Recap of the “Raiders of the Lost Archive” Panel

As the transition from film to digital becomes increasingly popular (though not necessarily smooth), the question of archiving is becoming a dominant topic of discussion. In the future, how will we save movies, from features to home videos? On USB sticks? Hard drives? A cloud? Though thought of as a dusty procedure done by wiry-haired humans in dark basements, the archive has long been a site for avant-garde and experimental filmmakers to pillage something new from the old. Hosting six experts and filmmakers, the punny-titled “Raiders of the Lost Archive” panel delved into the questions of ethics, logistics and legalities when it comes to film archiving.

Moderated by Madeleine Molyneaux, the discussion began with the notion of democratizing the archive, a process which requires questioning not only what is deemed “important,” but also who is saying so. Filmmaker Kevin Jerome Everson explores this in his work, noting that as he began looking for archival footage of African American life prior to the civil rights movement very little existed. As he said: “People just didn’t point their cameras that way.” Bringing up questions of who is made invisible in society, Everson’s previous work has sought to recreate found footage from the ‘60s and ‘70s, retroactively addressing this historical—and literal—blind spot. 

Andrew Lampert spoke at length about similar issues, noting his own archive/collection focused on the disregarded and banal images which could be repurposed for new meaning. For instance, looking at 8mm footage of recordings of Larry Roemer’s Rudolph the Red-Nose Reindeer (1964) or the moon landing “boot-legged” off of televisions becomes particularly interesting in the age of torrents.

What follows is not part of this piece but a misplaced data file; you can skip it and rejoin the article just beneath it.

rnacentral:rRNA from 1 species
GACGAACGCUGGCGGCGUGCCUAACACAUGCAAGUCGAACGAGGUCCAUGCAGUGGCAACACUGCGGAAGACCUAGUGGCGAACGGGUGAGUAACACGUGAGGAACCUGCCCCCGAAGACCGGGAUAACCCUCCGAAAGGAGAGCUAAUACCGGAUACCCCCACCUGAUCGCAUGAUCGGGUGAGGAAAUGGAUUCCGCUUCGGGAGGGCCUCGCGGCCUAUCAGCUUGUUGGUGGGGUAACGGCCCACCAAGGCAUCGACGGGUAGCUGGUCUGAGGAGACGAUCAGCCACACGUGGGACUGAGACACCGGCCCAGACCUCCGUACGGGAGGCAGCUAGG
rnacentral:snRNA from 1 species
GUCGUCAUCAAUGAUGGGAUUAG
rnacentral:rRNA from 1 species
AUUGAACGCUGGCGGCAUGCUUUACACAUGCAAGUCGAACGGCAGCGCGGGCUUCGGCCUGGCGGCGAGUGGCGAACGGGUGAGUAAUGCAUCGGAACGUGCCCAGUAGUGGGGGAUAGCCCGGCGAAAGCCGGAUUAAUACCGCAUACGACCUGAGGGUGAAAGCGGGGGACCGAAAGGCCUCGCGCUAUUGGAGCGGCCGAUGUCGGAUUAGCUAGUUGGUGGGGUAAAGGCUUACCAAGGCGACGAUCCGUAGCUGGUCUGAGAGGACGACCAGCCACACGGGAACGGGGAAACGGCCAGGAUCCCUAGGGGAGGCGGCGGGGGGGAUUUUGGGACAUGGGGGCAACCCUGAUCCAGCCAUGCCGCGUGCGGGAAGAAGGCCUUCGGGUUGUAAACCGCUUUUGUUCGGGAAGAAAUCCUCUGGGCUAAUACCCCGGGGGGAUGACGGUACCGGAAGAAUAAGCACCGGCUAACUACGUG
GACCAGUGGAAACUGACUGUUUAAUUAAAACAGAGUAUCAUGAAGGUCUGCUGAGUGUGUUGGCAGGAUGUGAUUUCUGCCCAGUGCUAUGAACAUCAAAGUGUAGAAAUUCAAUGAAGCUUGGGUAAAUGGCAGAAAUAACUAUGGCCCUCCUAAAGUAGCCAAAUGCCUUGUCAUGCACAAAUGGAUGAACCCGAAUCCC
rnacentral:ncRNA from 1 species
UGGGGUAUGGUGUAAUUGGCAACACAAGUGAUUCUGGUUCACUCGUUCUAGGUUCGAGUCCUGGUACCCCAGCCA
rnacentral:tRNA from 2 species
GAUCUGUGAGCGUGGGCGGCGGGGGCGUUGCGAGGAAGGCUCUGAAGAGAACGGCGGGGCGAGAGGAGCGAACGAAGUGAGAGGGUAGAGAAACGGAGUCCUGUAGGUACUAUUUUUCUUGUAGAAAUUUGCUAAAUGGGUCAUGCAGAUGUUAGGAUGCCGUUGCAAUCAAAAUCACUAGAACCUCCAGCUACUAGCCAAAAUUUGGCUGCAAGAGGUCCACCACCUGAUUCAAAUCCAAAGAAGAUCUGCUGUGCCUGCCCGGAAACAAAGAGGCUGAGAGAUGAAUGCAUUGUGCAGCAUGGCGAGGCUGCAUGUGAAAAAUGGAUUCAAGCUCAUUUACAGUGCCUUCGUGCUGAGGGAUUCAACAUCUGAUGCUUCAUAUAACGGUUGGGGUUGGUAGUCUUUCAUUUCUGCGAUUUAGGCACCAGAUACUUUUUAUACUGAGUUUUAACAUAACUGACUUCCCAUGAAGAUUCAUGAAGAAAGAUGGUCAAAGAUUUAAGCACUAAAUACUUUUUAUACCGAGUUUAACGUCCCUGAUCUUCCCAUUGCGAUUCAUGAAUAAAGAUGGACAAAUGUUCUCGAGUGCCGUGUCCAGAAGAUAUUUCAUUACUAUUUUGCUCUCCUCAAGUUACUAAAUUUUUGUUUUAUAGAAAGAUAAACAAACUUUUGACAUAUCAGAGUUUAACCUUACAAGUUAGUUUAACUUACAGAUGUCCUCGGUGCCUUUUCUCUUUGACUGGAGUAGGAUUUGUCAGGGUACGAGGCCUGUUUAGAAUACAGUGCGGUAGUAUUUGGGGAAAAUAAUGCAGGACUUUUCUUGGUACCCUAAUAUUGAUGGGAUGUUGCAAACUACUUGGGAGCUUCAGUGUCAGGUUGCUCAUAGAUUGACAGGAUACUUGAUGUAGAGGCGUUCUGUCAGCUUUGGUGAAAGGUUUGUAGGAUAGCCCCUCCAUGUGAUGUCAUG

The role of cinemathques in canonizing and valorizing certain works also came up. Pornography, for instance, often poses a problem for archives. And while Everson pointed out Canadians are more open to it than Americans (there is a large collection of this genre at the film archive at the University of Toronto) its acceptance into the collection at the time was fraught. Issues of dominant morality are never far from the archive.

When considered to be both a visual and physical catalogue of memory, the archive is hardly the dry subject it is thought to be. But then, the panel’s namesake, Indiana Jones, always knew that.

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